Robeson reappeared in England in the spring of 1959 as the lead in a new production of Othello at Stratford-on-Avon, which included, among other rising stars, Albert Finney, and in crowd-scene roles Diana Rigg and Vanessa Redgrave; the production would run periodically through the fall. Robeson was hardly his robust self of earlier decades, and director Tony Richardson cut his weekly schedule from four performances to two.

1959 was the year of South Africa’s Sharpsville Massacre, and Robeson, despite some bad days, continued to advocate for social justice for that apartheid country’s oppressed Black population; he traveled on the Continent to attend socialist and peace conferences; and he undertook a 32-city concert tour across Britain.

A dozen African nations declared their independence in 1960. There was a growing militancy in the Black struggle for social justice in the U.S., with the spread of student sit-ins, the formation of the Student Non-Violent Coordinating Committee (SNCC), and growing support from Northern white liberals. Robeson was skeptical that the newly elected Kennedy-Johnson administration would improve conditions for southern Blacks. Preparatory to what Essie called Paul’s “rat race” of commitments, he shed 40 pounds in 40 days after his weight had ballooned to 285 pounds. Then he embarked on a grueling schedule of concerts starting in East Germany.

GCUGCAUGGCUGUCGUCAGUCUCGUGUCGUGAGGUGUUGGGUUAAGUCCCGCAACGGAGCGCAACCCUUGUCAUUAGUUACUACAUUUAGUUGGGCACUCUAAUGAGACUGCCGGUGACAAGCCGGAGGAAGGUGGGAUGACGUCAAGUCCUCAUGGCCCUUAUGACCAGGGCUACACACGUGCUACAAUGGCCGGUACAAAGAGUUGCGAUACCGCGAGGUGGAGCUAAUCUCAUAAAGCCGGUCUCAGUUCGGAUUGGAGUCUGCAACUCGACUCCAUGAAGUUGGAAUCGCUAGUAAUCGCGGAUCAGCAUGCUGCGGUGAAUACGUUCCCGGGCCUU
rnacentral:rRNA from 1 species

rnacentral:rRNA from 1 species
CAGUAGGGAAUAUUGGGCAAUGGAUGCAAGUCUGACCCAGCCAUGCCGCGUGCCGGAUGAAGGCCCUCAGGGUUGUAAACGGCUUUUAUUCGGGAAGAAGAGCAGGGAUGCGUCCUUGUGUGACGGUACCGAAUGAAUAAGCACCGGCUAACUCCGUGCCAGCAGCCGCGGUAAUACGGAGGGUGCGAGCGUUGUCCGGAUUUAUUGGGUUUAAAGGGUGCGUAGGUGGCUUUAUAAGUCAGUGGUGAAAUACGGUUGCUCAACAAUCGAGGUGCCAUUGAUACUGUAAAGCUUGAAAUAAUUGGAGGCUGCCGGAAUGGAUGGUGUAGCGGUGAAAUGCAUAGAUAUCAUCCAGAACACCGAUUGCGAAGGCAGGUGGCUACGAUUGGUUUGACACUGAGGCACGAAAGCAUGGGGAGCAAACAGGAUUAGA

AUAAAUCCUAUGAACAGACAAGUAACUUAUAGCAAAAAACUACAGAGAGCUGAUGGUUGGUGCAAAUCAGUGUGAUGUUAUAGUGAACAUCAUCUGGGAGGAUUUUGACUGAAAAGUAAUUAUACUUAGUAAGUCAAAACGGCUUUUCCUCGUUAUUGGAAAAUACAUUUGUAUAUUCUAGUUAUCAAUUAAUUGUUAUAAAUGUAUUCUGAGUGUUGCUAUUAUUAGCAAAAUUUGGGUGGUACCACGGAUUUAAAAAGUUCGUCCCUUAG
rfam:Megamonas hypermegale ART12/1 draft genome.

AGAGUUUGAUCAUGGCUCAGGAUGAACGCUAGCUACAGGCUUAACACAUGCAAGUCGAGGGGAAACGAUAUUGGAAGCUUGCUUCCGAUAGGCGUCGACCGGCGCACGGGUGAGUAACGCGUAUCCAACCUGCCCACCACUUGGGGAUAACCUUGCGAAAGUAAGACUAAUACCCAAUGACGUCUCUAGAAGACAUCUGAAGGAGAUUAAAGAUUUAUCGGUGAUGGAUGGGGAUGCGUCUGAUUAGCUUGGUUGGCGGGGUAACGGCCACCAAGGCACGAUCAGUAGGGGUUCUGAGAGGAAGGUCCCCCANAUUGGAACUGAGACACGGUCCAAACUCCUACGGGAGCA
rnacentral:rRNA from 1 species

Paul arrived in East Berlin on October 4, 1960, together with his pianist Bruno Raikin. German authorities had organized a tightly packed itinerary of meetings, concerts, and official ceremonies for the first nationally celebrated Black activist to visit their country. Robeson received an honorary doctorate from the Humboldt University and a prize from the East German Peace Council, performed for the members of the Free German Youth (FDJ), attended a reception with high-ranking politicians, visited a state-owned enterprise, and held a press conference. Judging by Robeson’s public statements, the trip exceeded his expectations. For instance, at the concert for the Free German Youth, Robeson said: “This has been without question [. . .] one of the most moving days of a long 62 year old life. And I want to thank you here in the German Democratic Republic for your warm welcome to me, not only to me, but to the people from whom I spring, from the Negro people of America.”4